This post is a quick introduction to Google Test and how to use it to test your C++ code. Google Test is a unit testing framework that is easy to use and creates meaningful tests with intuitive output.
On Debian based systems, you will want to install the following packages:
libgtest-dev includes the headers and sources, but not the compiled libraries. Follow the instructions below to compile and install the libraries1:
cd /tmp mkdir build cd build cmake -DCMAKE_BUILD_TYPE=RELEASE /usr/src/gtest/ make sudo mv libgtest* /usr/lib/
You could also use
checkinstall to create a deb package containing the library files.
To get started, you will need to:
- Include the Google Test headers
- Write a
- Initiate the unit tests from
Tests are composed of various
EXPECT_* statements to ensure that functions return expected values, etc. For a full description of the various types of tests that can be written using Google Test, refer to the documents below:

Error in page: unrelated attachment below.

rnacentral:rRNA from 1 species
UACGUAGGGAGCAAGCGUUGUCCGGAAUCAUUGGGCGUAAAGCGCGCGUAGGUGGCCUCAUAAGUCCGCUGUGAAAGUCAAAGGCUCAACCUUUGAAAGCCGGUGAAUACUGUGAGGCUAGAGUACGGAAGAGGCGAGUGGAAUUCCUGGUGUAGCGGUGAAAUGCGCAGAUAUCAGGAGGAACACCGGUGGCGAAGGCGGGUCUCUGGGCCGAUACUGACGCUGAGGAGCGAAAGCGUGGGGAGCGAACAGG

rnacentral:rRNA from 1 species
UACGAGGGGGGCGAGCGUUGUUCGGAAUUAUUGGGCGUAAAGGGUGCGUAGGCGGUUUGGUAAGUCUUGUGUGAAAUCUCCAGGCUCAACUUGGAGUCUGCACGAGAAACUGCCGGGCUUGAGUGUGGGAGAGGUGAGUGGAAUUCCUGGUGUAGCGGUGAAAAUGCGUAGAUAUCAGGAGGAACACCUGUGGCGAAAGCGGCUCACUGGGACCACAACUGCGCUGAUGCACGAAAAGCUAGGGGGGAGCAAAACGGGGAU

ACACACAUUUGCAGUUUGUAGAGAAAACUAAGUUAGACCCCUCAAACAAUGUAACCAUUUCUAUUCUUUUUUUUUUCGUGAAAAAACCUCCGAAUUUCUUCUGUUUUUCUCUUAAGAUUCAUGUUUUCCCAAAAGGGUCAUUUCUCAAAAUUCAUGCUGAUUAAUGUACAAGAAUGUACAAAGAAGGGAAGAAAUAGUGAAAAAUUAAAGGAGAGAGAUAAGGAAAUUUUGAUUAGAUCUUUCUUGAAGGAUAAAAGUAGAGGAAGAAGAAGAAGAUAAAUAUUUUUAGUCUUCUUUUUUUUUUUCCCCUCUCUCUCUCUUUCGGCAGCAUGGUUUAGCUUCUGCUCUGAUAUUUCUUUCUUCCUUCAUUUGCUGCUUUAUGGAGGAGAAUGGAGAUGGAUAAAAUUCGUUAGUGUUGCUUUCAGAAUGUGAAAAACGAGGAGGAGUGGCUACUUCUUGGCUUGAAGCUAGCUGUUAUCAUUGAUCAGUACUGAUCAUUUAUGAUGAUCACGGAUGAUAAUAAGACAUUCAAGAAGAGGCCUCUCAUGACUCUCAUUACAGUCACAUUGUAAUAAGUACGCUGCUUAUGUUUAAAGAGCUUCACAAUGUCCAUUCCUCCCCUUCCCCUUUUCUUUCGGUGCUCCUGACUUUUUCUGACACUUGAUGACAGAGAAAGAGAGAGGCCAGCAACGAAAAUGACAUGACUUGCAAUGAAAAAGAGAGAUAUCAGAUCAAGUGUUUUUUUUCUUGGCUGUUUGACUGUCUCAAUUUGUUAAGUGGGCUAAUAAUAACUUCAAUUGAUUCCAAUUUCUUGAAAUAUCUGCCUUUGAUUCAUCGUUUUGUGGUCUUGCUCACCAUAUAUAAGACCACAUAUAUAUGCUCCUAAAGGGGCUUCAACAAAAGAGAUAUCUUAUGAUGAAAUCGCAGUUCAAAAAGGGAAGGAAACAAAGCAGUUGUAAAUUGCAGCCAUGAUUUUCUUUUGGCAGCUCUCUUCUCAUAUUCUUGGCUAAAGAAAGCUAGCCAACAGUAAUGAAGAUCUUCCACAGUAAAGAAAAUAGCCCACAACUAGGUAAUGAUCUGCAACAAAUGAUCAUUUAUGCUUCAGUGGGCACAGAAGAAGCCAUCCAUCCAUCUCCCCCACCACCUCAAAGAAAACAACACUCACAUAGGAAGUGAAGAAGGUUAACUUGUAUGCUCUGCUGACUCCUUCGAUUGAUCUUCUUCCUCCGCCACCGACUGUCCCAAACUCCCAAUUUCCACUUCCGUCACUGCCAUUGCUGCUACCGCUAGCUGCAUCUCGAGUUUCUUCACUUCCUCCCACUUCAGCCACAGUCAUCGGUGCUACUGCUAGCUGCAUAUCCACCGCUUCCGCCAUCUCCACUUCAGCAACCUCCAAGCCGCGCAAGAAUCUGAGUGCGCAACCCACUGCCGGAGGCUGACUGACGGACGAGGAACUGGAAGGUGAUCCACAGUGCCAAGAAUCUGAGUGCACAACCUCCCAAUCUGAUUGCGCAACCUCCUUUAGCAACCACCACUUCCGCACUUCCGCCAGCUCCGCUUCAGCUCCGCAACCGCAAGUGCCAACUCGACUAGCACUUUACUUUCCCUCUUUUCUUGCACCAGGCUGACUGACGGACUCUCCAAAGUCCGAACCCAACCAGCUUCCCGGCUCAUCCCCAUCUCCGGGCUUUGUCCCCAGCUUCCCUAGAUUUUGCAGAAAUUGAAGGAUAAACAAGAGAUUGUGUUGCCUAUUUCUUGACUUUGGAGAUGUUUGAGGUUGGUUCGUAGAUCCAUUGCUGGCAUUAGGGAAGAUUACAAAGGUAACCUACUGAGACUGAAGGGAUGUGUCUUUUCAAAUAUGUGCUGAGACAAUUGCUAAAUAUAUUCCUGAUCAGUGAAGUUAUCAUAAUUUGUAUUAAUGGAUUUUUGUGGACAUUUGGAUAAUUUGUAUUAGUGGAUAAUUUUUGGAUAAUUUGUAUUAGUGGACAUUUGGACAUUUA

1 2 3 4 5 6 7 8 9 10 11 12
One thing to remember with the
EXPECT_* statements is that the first argument is the hardcoded expected value (ie: the “truth”), and the
second parameter is the variable or function call to be tested.
To compile, you need to link against both the compiled gtest library as well as pthread:
g++ -g -O0 main.cpp -lgtest -pthread
The output will look something like this:
1 2 3 4 5 6 7 8 9 10
Google Test is a great way to ensure that your code is working properly. I often use Google Test with a relaxed form of Test Driven Development2.